Harvest Health & Recreation Inc. (OTCQX: HRVSF) said it has settled its dispute with a small group of the previous owners of Interurban Capital Group. The disagreement goes back to March when Harvest had agreed to pay $85.8 million through Harvest stock and the assumption of $19.1 million of debt convertible into 205,594 Multiple Voting Shares. Plus a payment of an additional $9.3 million upon exercise of a call option agreement to acquire controlling interests in five Washington cannabis dispensaries or alternatively $12.4 million to acquire substantially all of the assets of these dispensaries.
It wasn’t long before Harvest decided to sue ICG in April against the Washington dispensaries and a small group of the previous owners of ICG to enforce terms of service agreements and the call option agreements.
“We are pleased to settle this dispute and move forward,” said Chief Executive Officer Steve White. “We are very excited to continue to focus on our core business operations as we execute on our plan to return to profitability.”
The settlement resulted in a mutually agreeable resolution for all parties. Harvest said it will cancel a total of 42,378.4 Multiple Voting Shares issued to the small group of previous owners of ICG (equivalent to 4,237,840 Subordinate Voting Shares on an as-converted basis). Harvest will also receive a $12 million secured promissory note with 7.5% interest and five-year maturity. The settlement includes cancellation of the service agreements and call option agreements for the Washington retail locations.
ICG would have added to Harvest’s existing retail footprint with three open retail locations and seven potential retail licenses in California, five open retail locations in Washington state and two open retail locations in Iowa. The California locations were dispensaries called Have-A-Heart and trouble began almost immediately. The employees complained about layoffs to Marijuana Business Daily, and in April it was learned that Harvest was suing ICG. The company has since sold those properties, but the litigation remains.
ICG and its Washington partners are also fighting amongst themselves. Harvest Health wrote in its SEC filing that on May 28, 2020, ICG filed a complaint in the King County Superior Court against the Respondents and other members of the Washington Retailers and their wives alleging a breach of the Washington Entities Options collectively, by the “Washington Entities Sellers”, who sold the properties to Harvest Health. The case alleges a series of charges, including breach of contract and, engaging in unfair or deceptive acts or practices.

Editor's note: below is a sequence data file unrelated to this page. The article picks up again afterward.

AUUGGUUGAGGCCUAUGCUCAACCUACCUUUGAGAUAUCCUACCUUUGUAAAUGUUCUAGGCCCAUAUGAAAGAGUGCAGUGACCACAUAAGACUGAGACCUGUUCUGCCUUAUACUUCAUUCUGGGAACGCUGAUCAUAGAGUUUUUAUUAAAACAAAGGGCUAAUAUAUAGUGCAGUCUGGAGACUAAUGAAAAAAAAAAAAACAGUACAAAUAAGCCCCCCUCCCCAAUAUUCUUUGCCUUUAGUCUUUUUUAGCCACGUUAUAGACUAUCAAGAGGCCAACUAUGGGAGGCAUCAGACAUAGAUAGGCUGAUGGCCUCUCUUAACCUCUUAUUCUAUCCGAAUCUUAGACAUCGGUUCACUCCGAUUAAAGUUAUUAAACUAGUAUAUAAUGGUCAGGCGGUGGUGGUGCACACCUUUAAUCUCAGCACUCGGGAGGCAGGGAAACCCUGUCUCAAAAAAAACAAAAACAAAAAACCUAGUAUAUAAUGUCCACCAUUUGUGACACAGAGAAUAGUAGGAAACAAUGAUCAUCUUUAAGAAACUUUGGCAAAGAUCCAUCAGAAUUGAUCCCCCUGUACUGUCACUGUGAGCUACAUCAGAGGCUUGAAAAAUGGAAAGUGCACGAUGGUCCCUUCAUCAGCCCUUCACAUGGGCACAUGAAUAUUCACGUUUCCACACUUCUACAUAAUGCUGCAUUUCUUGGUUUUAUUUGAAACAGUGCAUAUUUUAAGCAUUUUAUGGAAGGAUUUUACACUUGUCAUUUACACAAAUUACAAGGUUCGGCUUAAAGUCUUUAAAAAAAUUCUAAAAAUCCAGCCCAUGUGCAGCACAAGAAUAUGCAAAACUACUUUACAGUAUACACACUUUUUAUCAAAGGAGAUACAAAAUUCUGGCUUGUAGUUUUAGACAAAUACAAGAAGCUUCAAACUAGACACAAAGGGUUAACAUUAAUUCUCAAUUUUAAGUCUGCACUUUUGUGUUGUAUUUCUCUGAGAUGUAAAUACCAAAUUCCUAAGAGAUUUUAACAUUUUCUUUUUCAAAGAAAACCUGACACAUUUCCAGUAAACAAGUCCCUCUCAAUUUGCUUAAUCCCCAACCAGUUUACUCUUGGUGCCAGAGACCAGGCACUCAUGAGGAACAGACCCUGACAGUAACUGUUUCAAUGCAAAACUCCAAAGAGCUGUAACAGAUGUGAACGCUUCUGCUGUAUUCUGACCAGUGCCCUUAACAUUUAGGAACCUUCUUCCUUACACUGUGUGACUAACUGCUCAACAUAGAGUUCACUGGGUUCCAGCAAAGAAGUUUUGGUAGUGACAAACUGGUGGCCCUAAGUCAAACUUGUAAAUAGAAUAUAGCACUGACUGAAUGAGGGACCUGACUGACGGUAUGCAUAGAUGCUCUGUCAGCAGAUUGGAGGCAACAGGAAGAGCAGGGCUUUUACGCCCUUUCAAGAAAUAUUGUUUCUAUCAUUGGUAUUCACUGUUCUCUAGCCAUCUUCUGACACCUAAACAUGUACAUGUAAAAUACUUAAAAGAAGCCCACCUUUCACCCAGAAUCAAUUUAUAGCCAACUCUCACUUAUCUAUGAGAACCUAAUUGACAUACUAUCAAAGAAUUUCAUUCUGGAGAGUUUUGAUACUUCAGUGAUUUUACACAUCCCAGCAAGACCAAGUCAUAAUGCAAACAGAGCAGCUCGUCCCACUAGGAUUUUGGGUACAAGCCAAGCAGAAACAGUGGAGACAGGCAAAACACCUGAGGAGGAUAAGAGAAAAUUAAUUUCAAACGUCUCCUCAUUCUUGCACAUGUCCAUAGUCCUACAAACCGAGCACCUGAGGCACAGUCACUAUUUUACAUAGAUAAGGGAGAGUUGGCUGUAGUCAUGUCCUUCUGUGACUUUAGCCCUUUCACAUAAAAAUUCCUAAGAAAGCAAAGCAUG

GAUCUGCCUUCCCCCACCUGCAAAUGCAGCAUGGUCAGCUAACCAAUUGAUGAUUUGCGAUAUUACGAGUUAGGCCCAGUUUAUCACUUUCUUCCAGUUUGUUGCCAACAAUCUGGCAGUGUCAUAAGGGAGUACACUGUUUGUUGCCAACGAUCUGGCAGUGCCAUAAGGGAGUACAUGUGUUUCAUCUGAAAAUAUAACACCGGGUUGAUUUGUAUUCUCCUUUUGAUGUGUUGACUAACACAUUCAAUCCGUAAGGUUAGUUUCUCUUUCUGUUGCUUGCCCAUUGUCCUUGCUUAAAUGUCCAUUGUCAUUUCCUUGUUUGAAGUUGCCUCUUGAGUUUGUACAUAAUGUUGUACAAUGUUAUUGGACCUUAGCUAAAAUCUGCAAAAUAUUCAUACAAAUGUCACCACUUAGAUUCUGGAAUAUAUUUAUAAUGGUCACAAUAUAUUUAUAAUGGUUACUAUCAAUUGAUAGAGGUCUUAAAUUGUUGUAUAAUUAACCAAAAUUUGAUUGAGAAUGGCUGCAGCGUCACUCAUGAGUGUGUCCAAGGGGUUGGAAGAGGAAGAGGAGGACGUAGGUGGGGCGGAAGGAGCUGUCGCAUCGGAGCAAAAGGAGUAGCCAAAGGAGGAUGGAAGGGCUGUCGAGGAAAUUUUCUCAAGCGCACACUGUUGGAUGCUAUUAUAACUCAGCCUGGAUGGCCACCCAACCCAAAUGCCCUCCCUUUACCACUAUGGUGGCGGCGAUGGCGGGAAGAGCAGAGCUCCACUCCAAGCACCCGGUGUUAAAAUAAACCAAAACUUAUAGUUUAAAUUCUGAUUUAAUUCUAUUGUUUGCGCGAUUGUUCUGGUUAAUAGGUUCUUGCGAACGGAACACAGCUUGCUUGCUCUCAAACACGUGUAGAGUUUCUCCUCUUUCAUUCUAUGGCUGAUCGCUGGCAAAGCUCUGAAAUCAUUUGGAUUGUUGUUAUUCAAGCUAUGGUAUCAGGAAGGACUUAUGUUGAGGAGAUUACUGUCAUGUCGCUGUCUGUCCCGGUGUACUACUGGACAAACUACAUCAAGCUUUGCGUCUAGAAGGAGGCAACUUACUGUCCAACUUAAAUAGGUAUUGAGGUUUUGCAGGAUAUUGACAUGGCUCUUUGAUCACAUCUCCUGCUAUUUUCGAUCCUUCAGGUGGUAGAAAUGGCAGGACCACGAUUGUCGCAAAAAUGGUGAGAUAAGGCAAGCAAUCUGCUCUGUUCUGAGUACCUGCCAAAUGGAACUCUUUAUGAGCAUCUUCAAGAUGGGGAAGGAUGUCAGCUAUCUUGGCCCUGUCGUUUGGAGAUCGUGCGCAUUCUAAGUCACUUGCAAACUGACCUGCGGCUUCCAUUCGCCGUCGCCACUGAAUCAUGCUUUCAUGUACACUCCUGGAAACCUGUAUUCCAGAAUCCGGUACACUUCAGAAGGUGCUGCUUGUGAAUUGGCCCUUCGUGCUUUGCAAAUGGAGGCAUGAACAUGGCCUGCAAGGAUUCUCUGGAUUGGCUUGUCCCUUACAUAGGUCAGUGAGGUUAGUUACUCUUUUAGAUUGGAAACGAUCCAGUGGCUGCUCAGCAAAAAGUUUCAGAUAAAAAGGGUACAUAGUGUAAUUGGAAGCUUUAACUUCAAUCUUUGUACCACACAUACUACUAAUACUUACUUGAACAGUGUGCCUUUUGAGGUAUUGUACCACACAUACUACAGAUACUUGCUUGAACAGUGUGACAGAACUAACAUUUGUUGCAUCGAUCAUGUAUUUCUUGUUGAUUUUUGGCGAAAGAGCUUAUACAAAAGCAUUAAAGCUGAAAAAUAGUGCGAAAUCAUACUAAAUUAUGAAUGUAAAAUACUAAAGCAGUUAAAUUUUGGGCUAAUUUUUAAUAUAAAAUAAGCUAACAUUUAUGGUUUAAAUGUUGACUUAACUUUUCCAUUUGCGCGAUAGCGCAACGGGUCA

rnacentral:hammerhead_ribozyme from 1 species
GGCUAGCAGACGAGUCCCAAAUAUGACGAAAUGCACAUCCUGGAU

The filing stated: In April, Harvest Health filed a Notice of Intention to Arbitrate before the Judicial Dispute Resolution, LLC in Seattle, Washington against Boyden Investment Group, LLC; Tierra Real Estate Group, LLC; Have A Heart Compassion Care, Inc.; Phat Sacks Corp.; Green Outfitters, LLC (collectively, the “Washington Entities”) and Ryan Kunkel (“Kunkel”, together with the Washington Entities, the “Respondents”) to compel mandatory arbitration for breach of contract, engaging in unfair or deceptive acts or practices in the conduct of the Respondents trade or commerce and affects the public interest, tortious interference with contractual relationships, and awards of damages, treble damages, and fees and costs.
Ryan Kunkel is a former officer, director and shareholder of ICG and manager and equity holder in the Washington Entities. The Arbitration relates to Amended and Restated Services Agreements entered into between ICG and the Washington Entities pursuant to which they agreed to pay ICG fees for services it provides to them (the “Service Agreements”). On
April 2, 2020, the Respondents filed a motion for temporary restraining order in the Superior Court for the State of Washington, in and for the County of King, seeking access to certain records and accounts related to the operation of the Washington Entities’ business. On April 7, 2020, the court denied the motion in the TRO Action and found, among other things, that the Retailers failed to show (i) they were likely to prevail on their claim that ICG breached the Service Agreements, (ii) a clear legal or equitable right to the relief sought, (iii) an invasion of their rights, and (iv) they would suffer an actual and substantial injury.
On April 8, 2020, the Respondents filed a motion for dismissal of the TRO Action and the case has been dismissed. In a separate lawsuit, ICG filed a petition for provisional remedies in aid of arbitration against each of the Washington Entities seeking prejudgment writs of attachment as a result of the Respondents’ conduct related to the termination of the Service Agreements (the “Provisional Remedies Action”). Following consolidation of the Receiver Action and the Provisional Remedies Action before the Superior Court, the case was dismissed on May 21, 2020 because the court ruled it lacked jurisdiction as a result of the appointment of an arbitrator in the Arbitration. In dismissing the Provisional Remedies Action, the Superior Court noted that the arbitrator should make the decision on ICG’s petitions for provisional remedies. The Arbitration is in the pleading stage of litigation, no discovery has commenced and no substantive rulings have been made other than the TRO Order.